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11 Dec 2003 15:19
Deputy President Jacob Zuma has been drawn into the Hefer Inquiry into whether National Director of Public Prosecutions Bulelani Ngcuka abused his official powers.
Advocate Steven Joseph, for Ngcuka’s main accusers Mac Maharaj and Mo Shaik, submitted two pages of a sworn affidavit by Zuma to Judge Joos Hefer’s commission on Thursday. He said it was with the deputy president’s permission.
This was despite Zuma’s earlier indication to Hefer that he did not wish to use his inquiry to address his complaints about Ngcuka.
Hefer consequently announced that it was not necessary for the deputy president to testify before him.
In the affidavit Joseph submitted to Hefer, Zuma alleged a mediation attempt by Ngcuka during his Scorpions unit’s investigation against him (Zuma) and Durban businessman Schabir Shaik.
The affidavit was initially filed at the Pretoria High Court.
The case was settled before a hearing could be held and the supporting documents, including the particular affidavit, had never been publicly revealed.
According to the affidavit Ngcuka allegedly suggested to Zuma, through a lawyer, that he could make the investigation (against Zuma) go away. For this to happen, the deputy president had to agree to answer certain questions and Shaik had to plead guilty to some minor charges, Ngcuka allegedly implied.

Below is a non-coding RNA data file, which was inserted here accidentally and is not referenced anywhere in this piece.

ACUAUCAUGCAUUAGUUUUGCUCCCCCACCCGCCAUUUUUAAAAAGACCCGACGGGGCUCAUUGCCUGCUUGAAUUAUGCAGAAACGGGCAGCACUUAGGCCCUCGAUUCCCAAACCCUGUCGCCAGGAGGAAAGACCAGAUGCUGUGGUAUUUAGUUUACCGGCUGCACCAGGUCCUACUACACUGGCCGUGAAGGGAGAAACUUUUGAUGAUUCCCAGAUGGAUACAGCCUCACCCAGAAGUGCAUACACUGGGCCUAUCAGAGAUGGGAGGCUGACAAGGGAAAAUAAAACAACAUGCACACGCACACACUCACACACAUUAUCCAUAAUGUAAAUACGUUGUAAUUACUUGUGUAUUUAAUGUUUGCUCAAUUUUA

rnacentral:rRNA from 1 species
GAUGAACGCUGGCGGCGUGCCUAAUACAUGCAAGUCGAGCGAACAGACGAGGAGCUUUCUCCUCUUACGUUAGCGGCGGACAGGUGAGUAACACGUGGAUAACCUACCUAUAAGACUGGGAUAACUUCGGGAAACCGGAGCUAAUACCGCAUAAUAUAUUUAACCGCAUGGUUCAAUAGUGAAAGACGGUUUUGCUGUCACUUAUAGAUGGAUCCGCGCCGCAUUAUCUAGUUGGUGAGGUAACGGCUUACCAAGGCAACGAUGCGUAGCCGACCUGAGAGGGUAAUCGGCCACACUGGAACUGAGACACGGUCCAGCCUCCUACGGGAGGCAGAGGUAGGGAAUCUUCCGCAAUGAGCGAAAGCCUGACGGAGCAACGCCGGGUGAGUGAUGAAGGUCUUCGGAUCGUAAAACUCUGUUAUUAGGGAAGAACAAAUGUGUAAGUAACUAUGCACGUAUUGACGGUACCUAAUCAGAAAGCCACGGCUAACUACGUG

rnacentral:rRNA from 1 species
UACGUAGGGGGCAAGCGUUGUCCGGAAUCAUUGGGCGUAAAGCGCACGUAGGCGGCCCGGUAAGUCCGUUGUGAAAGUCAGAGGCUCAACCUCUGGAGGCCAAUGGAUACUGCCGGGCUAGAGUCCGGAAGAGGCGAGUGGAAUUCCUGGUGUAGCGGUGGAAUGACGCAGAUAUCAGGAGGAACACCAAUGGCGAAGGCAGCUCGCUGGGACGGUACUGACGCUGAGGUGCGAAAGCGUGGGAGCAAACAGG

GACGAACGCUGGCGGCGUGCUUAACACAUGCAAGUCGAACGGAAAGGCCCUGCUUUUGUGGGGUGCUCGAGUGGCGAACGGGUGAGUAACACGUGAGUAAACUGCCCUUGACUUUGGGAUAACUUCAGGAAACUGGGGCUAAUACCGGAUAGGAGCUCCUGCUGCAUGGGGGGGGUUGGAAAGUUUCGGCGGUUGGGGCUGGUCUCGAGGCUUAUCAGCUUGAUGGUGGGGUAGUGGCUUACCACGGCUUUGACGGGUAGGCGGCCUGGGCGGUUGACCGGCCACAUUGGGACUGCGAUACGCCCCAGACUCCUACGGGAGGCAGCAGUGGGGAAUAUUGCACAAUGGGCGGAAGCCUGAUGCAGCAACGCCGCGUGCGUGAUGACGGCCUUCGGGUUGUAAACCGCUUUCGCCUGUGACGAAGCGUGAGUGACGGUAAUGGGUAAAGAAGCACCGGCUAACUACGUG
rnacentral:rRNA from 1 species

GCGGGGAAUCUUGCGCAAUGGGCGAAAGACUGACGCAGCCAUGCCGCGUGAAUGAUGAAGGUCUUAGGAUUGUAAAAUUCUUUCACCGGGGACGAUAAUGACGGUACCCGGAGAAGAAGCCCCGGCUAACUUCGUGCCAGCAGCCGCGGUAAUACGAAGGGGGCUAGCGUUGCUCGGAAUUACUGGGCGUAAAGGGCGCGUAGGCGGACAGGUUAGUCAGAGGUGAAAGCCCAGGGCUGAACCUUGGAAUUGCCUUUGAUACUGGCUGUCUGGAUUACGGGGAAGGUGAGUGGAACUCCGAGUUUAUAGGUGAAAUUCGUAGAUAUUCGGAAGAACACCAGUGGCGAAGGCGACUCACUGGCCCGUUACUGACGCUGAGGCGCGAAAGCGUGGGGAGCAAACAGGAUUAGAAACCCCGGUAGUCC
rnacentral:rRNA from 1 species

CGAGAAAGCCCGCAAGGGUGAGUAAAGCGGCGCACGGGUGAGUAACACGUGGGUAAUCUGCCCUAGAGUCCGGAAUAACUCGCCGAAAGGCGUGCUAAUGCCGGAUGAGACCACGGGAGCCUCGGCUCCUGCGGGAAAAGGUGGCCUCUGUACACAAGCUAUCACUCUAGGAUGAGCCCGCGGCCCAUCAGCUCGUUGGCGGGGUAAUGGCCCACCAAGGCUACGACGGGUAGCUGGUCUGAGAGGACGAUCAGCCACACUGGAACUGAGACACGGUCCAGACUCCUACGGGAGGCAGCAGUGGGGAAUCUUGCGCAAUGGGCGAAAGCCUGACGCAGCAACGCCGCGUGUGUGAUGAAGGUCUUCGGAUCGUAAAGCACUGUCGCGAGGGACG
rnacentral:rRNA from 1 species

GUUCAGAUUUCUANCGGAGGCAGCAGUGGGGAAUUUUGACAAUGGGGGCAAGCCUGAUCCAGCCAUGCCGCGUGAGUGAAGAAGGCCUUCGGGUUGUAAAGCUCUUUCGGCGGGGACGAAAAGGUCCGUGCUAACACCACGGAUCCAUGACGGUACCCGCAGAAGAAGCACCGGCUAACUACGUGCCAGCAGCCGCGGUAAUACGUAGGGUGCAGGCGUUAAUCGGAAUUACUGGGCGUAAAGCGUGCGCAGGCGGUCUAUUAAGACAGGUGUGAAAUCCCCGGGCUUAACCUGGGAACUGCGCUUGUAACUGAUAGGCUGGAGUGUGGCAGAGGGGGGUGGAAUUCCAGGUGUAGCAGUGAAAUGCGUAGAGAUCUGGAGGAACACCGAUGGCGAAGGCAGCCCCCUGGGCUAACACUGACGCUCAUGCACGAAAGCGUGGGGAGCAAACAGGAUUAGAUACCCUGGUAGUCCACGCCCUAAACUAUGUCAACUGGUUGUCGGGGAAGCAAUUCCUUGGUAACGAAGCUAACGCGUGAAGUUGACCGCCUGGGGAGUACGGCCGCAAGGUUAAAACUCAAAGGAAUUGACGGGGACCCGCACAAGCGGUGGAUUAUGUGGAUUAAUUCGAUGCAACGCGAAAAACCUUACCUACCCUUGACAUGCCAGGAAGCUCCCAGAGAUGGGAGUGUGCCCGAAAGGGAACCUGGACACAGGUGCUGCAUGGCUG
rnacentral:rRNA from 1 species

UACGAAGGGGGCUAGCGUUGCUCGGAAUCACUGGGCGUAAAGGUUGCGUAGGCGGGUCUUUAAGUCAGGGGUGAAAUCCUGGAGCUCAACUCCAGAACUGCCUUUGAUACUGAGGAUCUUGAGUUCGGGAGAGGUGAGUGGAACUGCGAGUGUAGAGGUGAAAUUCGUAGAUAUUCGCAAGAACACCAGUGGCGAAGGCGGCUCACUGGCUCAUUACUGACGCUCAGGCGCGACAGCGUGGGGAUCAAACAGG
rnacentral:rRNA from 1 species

Ngcuka has already denied this alleged mediation attempt earlier in an answering affidavit to Zuma’s Pretoria High Court application. He again denied it in his testimony before Hefer on Thursday.
Ngcuka further disputed on Thursday earlier evidence by Maharaj that he had attempted similar mediation with him (Maharaj).
The former transport minister is being investigated by the Scorpions for alleged corruption. He earlier told Hefer that Ngcuka had suggested that this investigation would be terminated if he (Maharaj) convinced Zuma and Shaik to cooperate with the Scorpions. Maharaj complained that Ngcuka had “held him to ransom” with the alleged mediation offer.
Joseph maintained on Thursday that he wanted to use Zuma’s allegation to prove a pattern of mediation attempts by Ngcuka. Hefer allowed Zuma’s earlier affidavit to be accepted as evidence before his commission. He warned, however, that Joseph was “testing his patience” by focusing on alleged power abuse by Ngcuka which could not be linked to the spy claim against him. - Sapa
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